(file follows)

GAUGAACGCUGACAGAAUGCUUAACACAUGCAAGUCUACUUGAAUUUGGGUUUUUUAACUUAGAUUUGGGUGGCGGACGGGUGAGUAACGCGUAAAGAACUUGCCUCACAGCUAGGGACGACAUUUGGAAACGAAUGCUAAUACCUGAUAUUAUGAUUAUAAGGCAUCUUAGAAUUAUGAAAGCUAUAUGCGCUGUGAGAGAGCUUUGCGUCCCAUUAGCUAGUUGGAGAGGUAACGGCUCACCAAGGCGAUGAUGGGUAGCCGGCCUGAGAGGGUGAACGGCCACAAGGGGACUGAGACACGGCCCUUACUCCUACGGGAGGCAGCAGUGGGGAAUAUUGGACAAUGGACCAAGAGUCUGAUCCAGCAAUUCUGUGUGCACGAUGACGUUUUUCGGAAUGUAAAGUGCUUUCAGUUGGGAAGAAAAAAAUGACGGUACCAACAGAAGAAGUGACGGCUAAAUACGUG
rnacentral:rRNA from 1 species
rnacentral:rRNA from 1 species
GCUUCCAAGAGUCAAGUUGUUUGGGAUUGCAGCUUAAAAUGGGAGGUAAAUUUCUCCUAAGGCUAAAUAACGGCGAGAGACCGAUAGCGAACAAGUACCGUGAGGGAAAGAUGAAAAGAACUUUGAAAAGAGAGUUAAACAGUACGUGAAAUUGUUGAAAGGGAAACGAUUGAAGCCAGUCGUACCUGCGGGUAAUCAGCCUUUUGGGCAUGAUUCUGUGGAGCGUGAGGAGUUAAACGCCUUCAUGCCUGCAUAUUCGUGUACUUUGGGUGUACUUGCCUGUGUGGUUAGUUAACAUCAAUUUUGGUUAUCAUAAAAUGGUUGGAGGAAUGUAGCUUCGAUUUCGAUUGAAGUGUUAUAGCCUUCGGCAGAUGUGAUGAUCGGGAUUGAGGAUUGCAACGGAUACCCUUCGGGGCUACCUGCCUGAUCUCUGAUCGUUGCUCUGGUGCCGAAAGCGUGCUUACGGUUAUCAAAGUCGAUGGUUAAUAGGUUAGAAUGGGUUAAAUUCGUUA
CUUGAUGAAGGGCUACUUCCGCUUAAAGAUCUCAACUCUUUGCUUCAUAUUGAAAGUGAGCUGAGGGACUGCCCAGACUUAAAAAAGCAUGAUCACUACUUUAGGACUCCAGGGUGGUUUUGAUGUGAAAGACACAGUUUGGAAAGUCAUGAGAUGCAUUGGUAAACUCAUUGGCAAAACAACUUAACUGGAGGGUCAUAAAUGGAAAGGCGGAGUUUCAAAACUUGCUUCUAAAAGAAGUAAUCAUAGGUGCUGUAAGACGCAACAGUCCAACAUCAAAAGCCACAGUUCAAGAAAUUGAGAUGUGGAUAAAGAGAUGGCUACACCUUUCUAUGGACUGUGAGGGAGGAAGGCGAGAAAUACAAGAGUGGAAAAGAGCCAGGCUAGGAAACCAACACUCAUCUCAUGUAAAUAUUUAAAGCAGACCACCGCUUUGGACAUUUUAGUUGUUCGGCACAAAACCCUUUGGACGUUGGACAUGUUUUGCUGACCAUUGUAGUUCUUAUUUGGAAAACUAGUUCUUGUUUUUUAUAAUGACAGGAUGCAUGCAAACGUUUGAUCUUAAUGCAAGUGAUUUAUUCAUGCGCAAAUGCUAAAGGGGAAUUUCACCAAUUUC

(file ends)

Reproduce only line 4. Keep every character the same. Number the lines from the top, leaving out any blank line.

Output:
GCUUCCAAGAGUCAAGUUGUUUGGGAUUGCAGCUUAAAAUGGGAGGUAAAUUUCUCCUAAGGCUAAAUAACGGCGAGAGACCGAUAGCGAACAAGUACCGUGAGGGAAAGAUGAAAAGAACUUUGAAAAGAGAGUUAAACAGUACGUGAAAUUGUUGAAAGGGAAACGAUUGAAGCCAGUCGUACCUGCGGGUAAUCAGCCUUUUGGGCAUGAUUCUGUGGAGCGUGAGGAGUUAAACGCCUUCAUGCCUGCAUAUUCGUGUACUUUGGGUGUACUUGCCUGUGUGGUUAGUUAACAUCAAUUUUGGUUAUCAUAAAAUGGUUGGAGGAAUGUAGCUUCGAUUUCGAUUGAAGUGUUAUAGCCUUCGGCAGAUGUGAUGAUCGGGAUUGAGGAUUGCAACGGAUACCCUUCGGGGCUACCUGCCUGAUCUCUGAUCGUUGCUCUGGUGCCGAAAGCGUGCUUACGGUUAUCAAAGUCGAUGGUUAAUAGGUUAGAAUGGGUUAAAUUCGUUA